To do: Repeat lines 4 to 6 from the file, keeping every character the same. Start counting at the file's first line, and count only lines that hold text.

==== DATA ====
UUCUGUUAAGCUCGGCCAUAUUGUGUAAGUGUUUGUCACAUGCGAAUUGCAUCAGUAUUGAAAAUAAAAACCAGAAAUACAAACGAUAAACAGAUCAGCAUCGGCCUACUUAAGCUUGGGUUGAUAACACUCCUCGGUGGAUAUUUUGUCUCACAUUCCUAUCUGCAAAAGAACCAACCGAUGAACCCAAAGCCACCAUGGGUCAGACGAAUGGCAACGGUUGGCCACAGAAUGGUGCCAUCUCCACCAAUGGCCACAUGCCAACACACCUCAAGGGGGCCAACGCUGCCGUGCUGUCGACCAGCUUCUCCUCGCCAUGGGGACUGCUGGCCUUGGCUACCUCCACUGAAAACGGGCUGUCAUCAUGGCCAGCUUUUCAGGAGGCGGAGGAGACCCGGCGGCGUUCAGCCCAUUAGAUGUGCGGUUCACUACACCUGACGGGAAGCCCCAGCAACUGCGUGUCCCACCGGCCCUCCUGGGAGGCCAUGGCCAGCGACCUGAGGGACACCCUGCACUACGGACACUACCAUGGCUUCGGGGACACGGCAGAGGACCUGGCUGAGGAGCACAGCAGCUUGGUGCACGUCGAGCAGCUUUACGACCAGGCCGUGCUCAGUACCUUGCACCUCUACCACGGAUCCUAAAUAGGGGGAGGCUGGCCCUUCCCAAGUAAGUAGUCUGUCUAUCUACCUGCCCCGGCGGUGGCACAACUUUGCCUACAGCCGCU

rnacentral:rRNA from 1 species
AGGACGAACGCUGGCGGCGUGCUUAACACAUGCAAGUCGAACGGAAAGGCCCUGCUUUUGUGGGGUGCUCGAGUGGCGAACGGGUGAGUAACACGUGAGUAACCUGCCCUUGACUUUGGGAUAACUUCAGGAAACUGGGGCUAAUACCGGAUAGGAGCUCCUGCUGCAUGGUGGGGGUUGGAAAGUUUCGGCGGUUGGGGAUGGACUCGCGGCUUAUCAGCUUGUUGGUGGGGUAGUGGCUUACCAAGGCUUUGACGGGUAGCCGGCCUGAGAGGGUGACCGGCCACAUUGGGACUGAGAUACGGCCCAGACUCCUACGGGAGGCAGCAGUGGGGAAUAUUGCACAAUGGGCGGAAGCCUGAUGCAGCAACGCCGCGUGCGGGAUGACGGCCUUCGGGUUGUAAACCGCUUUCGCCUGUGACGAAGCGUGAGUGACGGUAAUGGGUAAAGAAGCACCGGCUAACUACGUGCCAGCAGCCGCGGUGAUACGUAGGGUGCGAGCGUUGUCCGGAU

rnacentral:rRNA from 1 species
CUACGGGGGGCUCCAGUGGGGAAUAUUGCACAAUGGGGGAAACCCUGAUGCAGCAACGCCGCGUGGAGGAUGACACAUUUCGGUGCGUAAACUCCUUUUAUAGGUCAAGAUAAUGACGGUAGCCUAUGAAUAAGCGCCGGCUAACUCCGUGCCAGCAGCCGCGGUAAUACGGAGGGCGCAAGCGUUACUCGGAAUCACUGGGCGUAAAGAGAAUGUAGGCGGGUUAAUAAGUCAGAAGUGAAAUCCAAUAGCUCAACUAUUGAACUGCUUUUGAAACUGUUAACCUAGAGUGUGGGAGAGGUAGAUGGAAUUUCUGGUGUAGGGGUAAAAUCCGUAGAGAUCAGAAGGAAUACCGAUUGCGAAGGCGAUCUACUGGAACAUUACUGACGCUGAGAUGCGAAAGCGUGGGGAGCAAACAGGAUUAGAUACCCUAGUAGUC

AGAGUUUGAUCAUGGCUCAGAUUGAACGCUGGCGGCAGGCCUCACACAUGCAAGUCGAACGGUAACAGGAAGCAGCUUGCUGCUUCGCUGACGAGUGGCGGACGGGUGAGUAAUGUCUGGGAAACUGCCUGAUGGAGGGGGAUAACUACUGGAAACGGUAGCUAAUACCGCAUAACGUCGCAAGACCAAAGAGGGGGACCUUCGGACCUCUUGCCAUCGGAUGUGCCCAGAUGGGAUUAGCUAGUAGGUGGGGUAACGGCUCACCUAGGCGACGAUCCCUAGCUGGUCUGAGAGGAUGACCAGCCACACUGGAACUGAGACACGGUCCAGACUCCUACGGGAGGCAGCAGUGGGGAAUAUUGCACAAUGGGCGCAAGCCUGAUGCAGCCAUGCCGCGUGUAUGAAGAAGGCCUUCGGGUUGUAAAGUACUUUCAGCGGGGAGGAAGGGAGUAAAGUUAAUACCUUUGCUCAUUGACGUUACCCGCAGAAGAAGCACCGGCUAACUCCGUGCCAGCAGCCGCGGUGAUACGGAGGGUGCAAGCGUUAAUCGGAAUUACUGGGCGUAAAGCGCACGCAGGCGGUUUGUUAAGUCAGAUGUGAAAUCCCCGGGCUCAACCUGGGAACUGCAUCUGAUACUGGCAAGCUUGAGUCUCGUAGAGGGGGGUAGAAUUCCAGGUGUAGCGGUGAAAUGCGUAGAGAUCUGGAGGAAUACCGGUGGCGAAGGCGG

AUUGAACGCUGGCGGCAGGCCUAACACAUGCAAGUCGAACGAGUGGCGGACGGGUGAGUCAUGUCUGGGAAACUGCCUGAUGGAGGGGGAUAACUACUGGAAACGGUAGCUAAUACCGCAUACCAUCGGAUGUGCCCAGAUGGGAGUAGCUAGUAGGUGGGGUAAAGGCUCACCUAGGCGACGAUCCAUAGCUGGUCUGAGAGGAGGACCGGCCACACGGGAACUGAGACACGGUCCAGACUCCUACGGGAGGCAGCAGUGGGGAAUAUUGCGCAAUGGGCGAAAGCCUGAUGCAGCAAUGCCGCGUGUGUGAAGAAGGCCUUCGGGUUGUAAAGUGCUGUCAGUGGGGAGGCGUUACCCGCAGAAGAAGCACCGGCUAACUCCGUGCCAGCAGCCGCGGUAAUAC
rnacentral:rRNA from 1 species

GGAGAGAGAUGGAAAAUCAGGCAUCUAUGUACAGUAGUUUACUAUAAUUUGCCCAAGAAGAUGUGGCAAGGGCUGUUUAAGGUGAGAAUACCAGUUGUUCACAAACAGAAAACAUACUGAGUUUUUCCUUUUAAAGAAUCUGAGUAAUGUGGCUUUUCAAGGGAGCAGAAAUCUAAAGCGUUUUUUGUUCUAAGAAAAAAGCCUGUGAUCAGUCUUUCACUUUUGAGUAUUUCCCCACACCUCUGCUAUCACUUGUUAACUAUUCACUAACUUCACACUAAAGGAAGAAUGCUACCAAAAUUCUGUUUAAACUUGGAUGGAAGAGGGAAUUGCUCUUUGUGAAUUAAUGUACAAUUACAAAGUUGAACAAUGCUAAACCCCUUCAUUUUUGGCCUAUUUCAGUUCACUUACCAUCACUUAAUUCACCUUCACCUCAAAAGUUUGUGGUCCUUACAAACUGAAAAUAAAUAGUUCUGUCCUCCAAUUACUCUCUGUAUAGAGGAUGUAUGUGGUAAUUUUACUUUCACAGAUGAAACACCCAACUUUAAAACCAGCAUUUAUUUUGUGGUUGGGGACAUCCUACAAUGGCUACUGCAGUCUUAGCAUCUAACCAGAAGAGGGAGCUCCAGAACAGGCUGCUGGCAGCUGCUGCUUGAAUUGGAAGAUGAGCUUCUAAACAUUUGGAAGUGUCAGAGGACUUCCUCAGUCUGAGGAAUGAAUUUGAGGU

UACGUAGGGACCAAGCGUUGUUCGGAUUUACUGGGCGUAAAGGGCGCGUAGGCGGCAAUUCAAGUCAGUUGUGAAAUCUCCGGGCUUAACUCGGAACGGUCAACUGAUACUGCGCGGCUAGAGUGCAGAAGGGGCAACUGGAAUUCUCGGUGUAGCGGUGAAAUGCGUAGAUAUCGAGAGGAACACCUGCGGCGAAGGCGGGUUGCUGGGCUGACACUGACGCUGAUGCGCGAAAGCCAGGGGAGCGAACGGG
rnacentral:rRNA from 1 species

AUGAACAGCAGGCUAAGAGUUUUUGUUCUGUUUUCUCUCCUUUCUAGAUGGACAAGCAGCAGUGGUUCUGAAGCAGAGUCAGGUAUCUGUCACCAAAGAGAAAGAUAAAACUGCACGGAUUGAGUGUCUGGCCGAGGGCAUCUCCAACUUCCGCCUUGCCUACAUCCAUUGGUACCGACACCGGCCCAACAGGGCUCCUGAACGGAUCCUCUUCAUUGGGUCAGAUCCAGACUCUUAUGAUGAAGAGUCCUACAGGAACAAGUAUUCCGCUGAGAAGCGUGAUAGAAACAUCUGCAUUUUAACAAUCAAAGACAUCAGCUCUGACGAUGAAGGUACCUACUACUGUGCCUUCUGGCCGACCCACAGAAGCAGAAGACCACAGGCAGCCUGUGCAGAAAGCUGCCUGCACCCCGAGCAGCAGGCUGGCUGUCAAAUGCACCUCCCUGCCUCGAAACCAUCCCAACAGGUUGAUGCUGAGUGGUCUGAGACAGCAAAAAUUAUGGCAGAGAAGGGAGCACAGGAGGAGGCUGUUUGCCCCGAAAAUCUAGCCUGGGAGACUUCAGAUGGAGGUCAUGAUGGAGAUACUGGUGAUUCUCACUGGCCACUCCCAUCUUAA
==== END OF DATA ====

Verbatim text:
rnacentral:rRNA from 1 species
CUACGGGGGGCUCCAGUGGGGAAUAUUGCACAAUGGGGGAAACCCUGAUGCAGCAACGCCGCGUGGAGGAUGACACAUUUCGGUGCGUAAACUCCUUUUAUAGGUCAAGAUAAUGACGGUAGCCUAUGAAUAAGCGCCGGCUAACUCCGUGCCAGCAGCCGCGGUAAUACGGAGGGCGCAAGCGUUACUCGGAAUCACUGGGCGUAAAGAGAAUGUAGGCGGGUUAAUAAGUCAGAAGUGAAAUCCAAUAGCUCAACUAUUGAACUGCUUUUGAAACUGUUAACCUAGAGUGUGGGAGAGGUAGAUGGAAUUUCUGGUGUAGGGGUAAAAUCCGUAGAGAUCAGAAGGAAUACCGAUUGCGAAGGCGAUCUACUGGAACAUUACUGACGCUGAGAUGCGAAAGCGUGGGGAGCAAACAGGAUUAGAUACCCUAGUAGUC

AGAGUUUGAUCAUGGCUCAGAUUGAACGCUGGCGGCAGGCCUCACACAUGCAAGUCGAACGGUAACAGGAAGCAGCUUGCUGCUUCGCUGACGAGUGGCGGACGGGUGAGUAAUGUCUGGGAAACUGCCUGAUGGAGGGGGAUAACUACUGGAAACGGUAGCUAAUACCGCAUAACGUCGCAAGACCAAAGAGGGGGACCUUCGGACCUCUUGCCAUCGGAUGUGCCCAGAUGGGAUUAGCUAGUAGGUGGGGUAACGGCUCACCUAGGCGACGAUCCCUAGCUGGUCUGAGAGGAUGACCAGCCACACUGGAACUGAGACACGGUCCAGACUCCUACGGGAGGCAGCAGUGGGGAAUAUUGCACAAUGGGCGCAAGCCUGAUGCAGCCAUGCCGCGUGUAUGAAGAAGGCCUUCGGGUUGUAAAGUACUUUCAGCGGGGAGGAAGGGAGUAAAGUUAAUACCUUUGCUCAUUGACGUUACCCGCAGAAGAAGCACCGGCUAACUCCGUGCCAGCAGCCGCGGUGAUACGGAGGGUGCAAGCGUUAAUCGGAAUUACUGGGCGUAAAGCGCACGCAGGCGGUUUGUUAAGUCAGAUGUGAAAUCCCCGGGCUCAACCUGGGAACUGCAUCUGAUACUGGCAAGCUUGAGUCUCGUAGAGGGGGGUAGAAUUCCAGGUGUAGCGGUGAAAUGCGUAGAGAUCUGGAGGAAUACCGGUGGCGAAGGCGG